It’s fashionable these days to protest Black Friday by staying home, denouncing the commercialism of the holidays, looking down on the shoppers who participate as depraved and craven. All I can say to that is, allow me to introduce you to my Grandma Bonnie:

Although there are many times I think of Grandma Bonnie, certain times of the year stand out more than others. She loved having the whole family over for a holiday, or a Sunday dinner, or no reason at all. When I was a little girl, she told me repeatedly “nothing is more important than family.” It was her mantra, although she would’ve laughed to hear me call it that; she would’ve thought the word “mantra” itself high-falutin’.

Grandma really lit up at Thanksgiving and Christmas. She loved to cook and watch “The Rockford Files” and “The Mary Tyler Moore Show” as she wrapped presents and oh boy, did she love to shop–but only if she got a deal. She is the reason I cringe today if I pay full retail price for anything; I can hear her whispering, “I taught you better than that!”

Getting to go shopping with Grandma was a thrill and an adrenaline junkie’s delight. She morphed from sweet, funny Grandma to drill sergeant Grandma: “Here’s the plan: when the doors open, you run straight inside that circular rack there with the big 75% off sign. You grab whatever I hand you and hang on tight. Somebody tries to take it away from you, you slap their hand. Got it?” I’d nod my head in understanding, hoping not to blow it, hoping no one else’s grandma had the same plan. “Okay, good. Tic Tac?” Oh yes, please, the orange Tic Tacs!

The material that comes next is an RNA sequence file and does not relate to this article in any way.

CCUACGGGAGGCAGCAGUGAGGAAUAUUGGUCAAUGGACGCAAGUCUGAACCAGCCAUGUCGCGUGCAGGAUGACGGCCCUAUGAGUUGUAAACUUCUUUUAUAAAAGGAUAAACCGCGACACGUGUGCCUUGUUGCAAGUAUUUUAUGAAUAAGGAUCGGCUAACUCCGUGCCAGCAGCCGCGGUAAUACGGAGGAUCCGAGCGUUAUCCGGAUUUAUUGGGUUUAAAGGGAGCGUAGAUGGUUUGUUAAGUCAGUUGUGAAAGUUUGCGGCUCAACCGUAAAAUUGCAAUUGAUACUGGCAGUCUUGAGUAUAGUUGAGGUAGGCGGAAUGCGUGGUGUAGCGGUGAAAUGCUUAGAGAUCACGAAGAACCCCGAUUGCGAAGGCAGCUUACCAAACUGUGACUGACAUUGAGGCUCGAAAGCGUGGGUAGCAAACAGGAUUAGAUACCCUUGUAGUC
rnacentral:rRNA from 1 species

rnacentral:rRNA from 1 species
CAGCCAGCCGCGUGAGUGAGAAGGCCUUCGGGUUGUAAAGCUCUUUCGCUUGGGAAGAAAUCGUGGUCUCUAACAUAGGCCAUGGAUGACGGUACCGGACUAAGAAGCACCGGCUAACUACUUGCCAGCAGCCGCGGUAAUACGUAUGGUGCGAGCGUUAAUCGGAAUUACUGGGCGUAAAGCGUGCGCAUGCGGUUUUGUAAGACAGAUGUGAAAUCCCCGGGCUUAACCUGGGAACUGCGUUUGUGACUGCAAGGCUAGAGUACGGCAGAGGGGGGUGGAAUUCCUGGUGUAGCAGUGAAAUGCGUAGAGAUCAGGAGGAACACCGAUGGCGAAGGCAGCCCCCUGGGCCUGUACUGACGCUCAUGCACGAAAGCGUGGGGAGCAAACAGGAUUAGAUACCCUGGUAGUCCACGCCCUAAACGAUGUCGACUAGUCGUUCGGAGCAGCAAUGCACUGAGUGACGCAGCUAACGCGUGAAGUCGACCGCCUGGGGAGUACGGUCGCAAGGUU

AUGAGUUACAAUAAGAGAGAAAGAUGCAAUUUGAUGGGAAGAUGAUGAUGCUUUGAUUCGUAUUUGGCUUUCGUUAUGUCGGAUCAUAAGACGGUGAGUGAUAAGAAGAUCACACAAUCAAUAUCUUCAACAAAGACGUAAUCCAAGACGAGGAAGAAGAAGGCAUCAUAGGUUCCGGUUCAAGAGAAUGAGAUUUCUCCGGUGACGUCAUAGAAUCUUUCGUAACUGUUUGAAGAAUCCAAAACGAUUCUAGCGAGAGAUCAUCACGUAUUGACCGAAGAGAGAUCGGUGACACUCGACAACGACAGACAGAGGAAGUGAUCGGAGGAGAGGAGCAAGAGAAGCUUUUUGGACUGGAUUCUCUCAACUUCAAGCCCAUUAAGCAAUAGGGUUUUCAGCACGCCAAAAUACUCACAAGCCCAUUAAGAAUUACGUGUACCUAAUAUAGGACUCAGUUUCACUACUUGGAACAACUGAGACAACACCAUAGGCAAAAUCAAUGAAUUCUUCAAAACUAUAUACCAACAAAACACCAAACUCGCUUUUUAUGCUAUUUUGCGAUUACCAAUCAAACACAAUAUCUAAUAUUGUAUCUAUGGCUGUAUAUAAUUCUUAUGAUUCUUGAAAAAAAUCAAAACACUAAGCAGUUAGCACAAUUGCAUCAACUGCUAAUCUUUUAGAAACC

In we’d go, rack after rack, store after store, a blur of a half day and then done. Just like the cooking was more to get the whole family together, the shopping wasn’t so much about the deal (although, yes, paying full retail was never an option). Grandma took advantage of Black Friday, and every other sale any time of year. She was money-conscious, sure, but the big payoff for her was seeing the looks of delight on our faces because she’d remembered an offhand comment way back in March about needing a green pair of Dittos; she’d noted the look of longing as we passed the girl in the iridescent purple Jellies; she’d listened carefully (and with a straight face) to the earnest 15-minute explanation of why I couldn’t possibly wear any type of hosiery other than white opaque tights because that’s what Lady Diana wore.

It’s ironic, and unfair, that a woman who got so much sheer joy out of remembering the little things in order to delight her family went on to die of Alzheimer’s disease. It’s unfair and tragic in every family this disease affects. So if you find yourself enjoying Black Friday weekend because you love a deal, or you’re enduring it to put a smile on your family’s face, I’m sending you a virtual high-five. If you’re in the mix because you need some retail therapy because your grandma is no longer with you and you know deep in your heart the holidays will never feel quite the same again–I won’t judge. I feel ya, and I’m sending you a virtual hug.

Christy Turner is the founder of CTC Dementia Care Management and has enjoyed the privilege of working with nearly 900 people with dementia and their families. Learn more about her here, more about CTC’s services here, or see Black Friday weekend specials here.